Emerging biotechnology is greeting potential parents with new possibilities, and may change the way families are created in the future.

Rising reproductive biotech startups are changing the game for prospective parents, building off of the potential of in-vitro gametogenesis (I.V.G.): the production of gametes from nonreproductive cells outside of the body. Conception Biosciences in Berkely, California is one company that is testing the ability to make egg cells from stem cells. Currently, the company has re-created several stages of egg development and is working towards creating one singular process to ultimately produce a follicle viable for maturation. “The prime focus right now is getting this follicle-formation step to occur,” Conception Biosciences CEO Matt Krisiloff told the New Yorker.

New York-based startup Gameto is studying in-vitro maturation to ultimately make egg freezing and I.V.F. more seamless, less painful, and less intrusive. “We’re really hopeful of allowing women to go through I.V.F. with much fewer side effects, less clinical time, and a lower cost—something that you could do in, like, egg-freezing kiosks,” physician and Gameto co-founder Dina Radenkovic told the New Yorker. “I see it almost like an extension of the beauty studio, where being proactive about your reproduction and longevity just seems like an act of self-care.”

The desire for reproductive advancements is strong and growing globally. An increasing number of women are freezing their eggs, postponing having children but ensuring the possibility of starting a family on their own terms, in their own time. In a feature for VICE, writer Julienne C. Raboca unpacks what she calls “Egg Freezing FOMO,” and outlines the options, or lack there-of, for egg freezing that millennial women in Asia are faced with.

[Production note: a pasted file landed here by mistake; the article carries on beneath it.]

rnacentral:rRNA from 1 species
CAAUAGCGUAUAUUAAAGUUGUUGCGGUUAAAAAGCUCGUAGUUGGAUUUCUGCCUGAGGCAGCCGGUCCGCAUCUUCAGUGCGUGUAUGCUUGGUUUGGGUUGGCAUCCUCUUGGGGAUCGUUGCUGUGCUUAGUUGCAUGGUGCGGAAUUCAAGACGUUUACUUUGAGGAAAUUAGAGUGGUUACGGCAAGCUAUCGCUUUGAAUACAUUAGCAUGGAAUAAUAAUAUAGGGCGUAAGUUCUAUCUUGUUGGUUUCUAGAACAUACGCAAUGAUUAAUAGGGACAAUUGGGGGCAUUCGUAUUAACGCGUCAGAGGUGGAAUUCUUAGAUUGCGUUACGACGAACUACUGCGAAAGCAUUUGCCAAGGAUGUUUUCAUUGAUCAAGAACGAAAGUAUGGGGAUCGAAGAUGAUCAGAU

One friend of Raboca’s, named Chi An, didn’t want children until she met a partner who changed her mind. Now, at 40, Chi An struggles to produce enough eggs to viably freeze and use later on. On the other hand, Raboca also highlighted a single 35-year old friend, Stephanie, who decided to freeze her eggs because so many of her girlfriends tried and recommended it. Some friends chose less expensive clinics available in the Philippines, while others turned to high-end OB-GYNs at double the cost to trust with the process. “The premise is that it’s an insurance policy,” Stephanie told Raboca. “So it should be a working, credible insurance policy. If and when I want to use it to get pregnant.”

Of course, legislative support is necessary for consumers to access these services where they live. According to Raboca, many Asian countries limit elective egg freezing and harvesting: Singapore allows women aged 21-35 to freeze their eggs as of this year, but unmarried women are often prohibited from IVF or egg freezing treatments in parts of China, Thailand and Malaysia. Expensive options mixed with harsh restrictions lead Raboca herself to consider leaving a baby in her future up to fate and biology, rather than science.

According to Conception Biosciences co-founder Bianka Seres, I.V.G. is the future of reproductive science. After attending the American Society for Reproductive Medicine’s annual conference in 2021, she told the New Yorker that conversations about I.V.G. were “very factual: when this happens, this is how we’re going to use it.” As people – men and women – continue to search for viable ways to reproduce on their own terms, these new technologies could make alternative methods of having a family more accessible and possible for all.

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